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If you’re an electronic device manufacturer or importer, understanding Federal Communications Commission (FCC) regulations is a critical part of gaining market access in the United States.

The FCC regulates electronic devices sold in the US via Code of Federal Regulations, Title 47, or the “FCC rules.” Two of the most significant parts of Title 47 are Parts 15 and 18, referred to as FCC Part 15 and FCC Part 18, respectively.

FCC Part 15 and FCC Part 18 are both focused on stopping electromagnetic interference from electronic devices. Part 15 applies to a wide range of consumer and commercial devices, while Part 18 is more relevant for industrial, scientific and medical equipment.

Below, we’ve discussed the key differences between these two regulations and provided some examples of devices that fall under either Part 15, or under Part 18. 

For more information about FCC compliance, or to request a quote for testing your device, you can contact us online or call us at 866-540-5287. 

What is FCC Part 15?

FCC Part 15 is a standard that regulates electronic devices sold in the United States. It primarily focuses on restricting electromagnetic interference (EMI) from electronic devices. EMI is a form of noise, or disturbance, that’s emitted by devices and can affect the function of other devices.

For example, a device that emits electromagnetic energy may cause a TV to flicker, a cellphone to lose its connection, or other devices to malfunction. 

Part 15 primarily focuses on unintentional radiators — devices that aren’t designed to emit radio waves, but can still cause interference. Some devices regulated under Part 15 are classified as intentional radiators, such as cell phones and Wi-Fi equipment. 

Compliance with Part 15 involves testing your device for radio frequency emissions, as well as its ability to resist interference from other devices (referred to as electromagnetic immunity).

Our guide to the FCC Part 15 rules explains Part 15 in more detail, including how the regulation works, as well as the compliance process. 

Devices Covered by Part 15

Most consumer and commercial electronic devices are covered under FCC Part 15. Common devices affected by Part 15 rules include: 

  • Computers and computer peripherals
  • Smartphones, tablets and other mobile devices
  • Wi-Fi routers and Bluetooth devices
  • Certain lighting devices
  • Remote controls

What is FCC Part 18?

FCC Part 18 is a section of the FCC rules that regulates industrial, scientific and medical (ISM) equipment that emits radio frequency energy. It applies to medical devices, equipment used in laboratories, and many industrial devices that emit RF energy within certain frequencies.

In addition to industrial, medical and scientific equipment, some consumer electronics devices, such as microwave ovens and induction stovetops, are also regulated under FCC Part 18.

Devices Covered by Part 18

  • Medical devices, such as MRI machines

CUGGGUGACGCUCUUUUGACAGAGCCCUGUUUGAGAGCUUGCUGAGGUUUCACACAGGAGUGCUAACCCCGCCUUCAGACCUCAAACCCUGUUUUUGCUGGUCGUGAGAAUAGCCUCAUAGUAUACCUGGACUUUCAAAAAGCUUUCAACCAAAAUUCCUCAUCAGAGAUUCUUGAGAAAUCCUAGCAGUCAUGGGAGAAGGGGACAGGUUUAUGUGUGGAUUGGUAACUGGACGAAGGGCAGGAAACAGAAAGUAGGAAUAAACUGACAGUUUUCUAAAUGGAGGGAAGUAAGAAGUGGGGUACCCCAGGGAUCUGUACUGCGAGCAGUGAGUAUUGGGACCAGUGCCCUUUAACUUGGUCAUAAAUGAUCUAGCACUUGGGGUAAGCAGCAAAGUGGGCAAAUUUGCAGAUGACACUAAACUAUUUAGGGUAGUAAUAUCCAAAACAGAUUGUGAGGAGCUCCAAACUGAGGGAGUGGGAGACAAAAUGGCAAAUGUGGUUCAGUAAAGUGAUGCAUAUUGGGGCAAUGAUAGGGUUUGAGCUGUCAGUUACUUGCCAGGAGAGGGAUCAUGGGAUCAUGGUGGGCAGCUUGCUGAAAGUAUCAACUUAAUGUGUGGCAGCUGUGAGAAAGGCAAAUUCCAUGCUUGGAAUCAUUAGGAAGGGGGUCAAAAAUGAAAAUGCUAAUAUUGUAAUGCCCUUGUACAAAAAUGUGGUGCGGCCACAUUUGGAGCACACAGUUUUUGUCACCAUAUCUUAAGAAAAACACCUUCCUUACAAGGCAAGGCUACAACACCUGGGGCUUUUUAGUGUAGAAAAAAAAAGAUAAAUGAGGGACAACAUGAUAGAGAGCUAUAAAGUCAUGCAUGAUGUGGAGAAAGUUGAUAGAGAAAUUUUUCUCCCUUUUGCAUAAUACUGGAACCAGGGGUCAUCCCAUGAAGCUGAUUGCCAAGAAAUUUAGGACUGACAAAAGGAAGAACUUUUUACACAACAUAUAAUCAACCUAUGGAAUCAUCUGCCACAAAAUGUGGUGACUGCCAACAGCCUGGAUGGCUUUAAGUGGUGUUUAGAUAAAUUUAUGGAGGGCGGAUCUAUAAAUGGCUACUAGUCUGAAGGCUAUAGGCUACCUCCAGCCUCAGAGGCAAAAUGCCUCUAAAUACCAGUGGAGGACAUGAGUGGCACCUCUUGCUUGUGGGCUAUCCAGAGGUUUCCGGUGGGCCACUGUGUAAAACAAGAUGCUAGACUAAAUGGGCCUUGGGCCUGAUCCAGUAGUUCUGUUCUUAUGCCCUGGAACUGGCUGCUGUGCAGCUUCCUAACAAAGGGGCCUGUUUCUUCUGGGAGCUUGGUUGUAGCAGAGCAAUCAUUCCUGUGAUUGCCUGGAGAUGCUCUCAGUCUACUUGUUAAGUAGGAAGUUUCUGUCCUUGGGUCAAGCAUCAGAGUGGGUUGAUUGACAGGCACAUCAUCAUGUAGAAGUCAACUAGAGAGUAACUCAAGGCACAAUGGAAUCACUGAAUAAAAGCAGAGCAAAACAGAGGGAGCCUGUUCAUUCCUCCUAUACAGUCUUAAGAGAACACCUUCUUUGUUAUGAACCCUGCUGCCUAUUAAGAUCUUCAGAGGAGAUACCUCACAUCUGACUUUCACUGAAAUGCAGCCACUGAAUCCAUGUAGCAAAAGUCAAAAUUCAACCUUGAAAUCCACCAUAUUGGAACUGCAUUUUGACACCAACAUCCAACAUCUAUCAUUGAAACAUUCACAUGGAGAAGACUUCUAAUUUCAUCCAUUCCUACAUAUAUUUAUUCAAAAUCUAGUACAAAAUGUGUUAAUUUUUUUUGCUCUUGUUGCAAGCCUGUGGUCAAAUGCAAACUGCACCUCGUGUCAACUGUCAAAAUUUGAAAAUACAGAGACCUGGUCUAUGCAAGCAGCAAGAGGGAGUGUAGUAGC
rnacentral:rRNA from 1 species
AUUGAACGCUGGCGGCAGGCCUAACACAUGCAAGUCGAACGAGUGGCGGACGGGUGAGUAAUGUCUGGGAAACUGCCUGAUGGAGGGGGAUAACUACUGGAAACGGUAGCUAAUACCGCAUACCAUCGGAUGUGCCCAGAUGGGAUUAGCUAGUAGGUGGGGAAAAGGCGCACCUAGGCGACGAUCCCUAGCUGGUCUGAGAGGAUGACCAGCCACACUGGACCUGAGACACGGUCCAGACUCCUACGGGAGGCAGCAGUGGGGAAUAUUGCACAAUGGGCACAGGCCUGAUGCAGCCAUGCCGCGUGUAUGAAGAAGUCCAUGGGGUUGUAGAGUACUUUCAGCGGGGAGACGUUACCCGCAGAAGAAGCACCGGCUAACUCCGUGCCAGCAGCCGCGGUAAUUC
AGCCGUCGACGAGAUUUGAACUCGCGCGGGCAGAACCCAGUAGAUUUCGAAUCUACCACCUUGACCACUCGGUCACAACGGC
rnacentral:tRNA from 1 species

• Kitchen appliances, such as microwaves and induction stovetops
  • Industrial equipment and machinery
  • RF lighting, including fluorescent lighting

Key Differences Between Part 15 & Part 18

Intentional vs. Unintentional Emissions

FCC Parts 15 and 18 differ in the nature of the RF emissions they restrict. FCC Part 15 covers electronic devices that may emit radio frequency energy unintentionally, while Part 18 primarily covers devices that are designed to use RF energy for normal operation.

Not sure which regulation applies to your device? Our team can assist you in determining the regulations that apply to your electronic device and help you prepare a testing and compliance plan. 

Emissions Limits and Testing Procedures

The emissions limits for FCC Part 15 and Part 18 vary significantly. Part 15 has stricter limits on the amount of RF energy that can be emitted by a device, largely due to the higher likelihood of interference with communications devices in a home or commercial environment.

In comparison, FCC Part 18, which focuses on ISM equipment, involves different standards and testing procedures. 

Compliance and Certification

Compliance with FCC regulations is mandatory for manufacturers. FCC Part 15 devices usually require an FCC Suppliers Declaration of Conformity (FCC SDoC) or certification to ensure they meet minimum emissions and performance standards.

Part 18 devices, due to their specific usage, may have different certification processes that may involve more specialized testing. Our team can advise you on the key difference in terms of the compliance and certification process for Part 15 and Part 18 devices.

Contact Us About FCC Testing & Compliance

Achieving compliance with FCC Part 15 and/or 18 is a critical step in bringing your electronic device to market. As specialists in FCC compliance, we can test your electronic device in our accredited lab and help you achieve FCC compliance. 

To request a quote for FCC Part 15 or Part 18 testing, or to ask our team of FCC compliance specialists and engineers a question, contact us online or call us at 866-540-5287.